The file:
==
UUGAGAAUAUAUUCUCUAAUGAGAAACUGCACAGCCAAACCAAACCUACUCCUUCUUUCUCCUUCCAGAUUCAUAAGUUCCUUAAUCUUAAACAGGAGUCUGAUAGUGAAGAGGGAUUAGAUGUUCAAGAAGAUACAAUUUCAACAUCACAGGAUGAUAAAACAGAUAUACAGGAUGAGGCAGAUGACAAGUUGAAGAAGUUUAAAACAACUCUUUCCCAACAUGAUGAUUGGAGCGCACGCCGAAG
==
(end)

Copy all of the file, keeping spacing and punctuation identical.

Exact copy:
UUGAGAAUAUAUUCUCUAAUGAGAAACUGCACAGCCAAACCAAACCUACUCCUUCUUUCUCCUUCCAGAUUCAUAAGUUCCUUAAUCUUAAACAGGAGUCUGAUAGUGAAGAGGGAUUAGAUGUUCAAGAAGAUACAAUUUCAACAUCACAGGAUGAUAAAACAGAUAUACAGGAUGAGGCAGAUGACAAGUUGAAGAAGUUUAAAACAACUCUUUCCCAACAUGAUGAUUGGAGCGCACGCCGAAG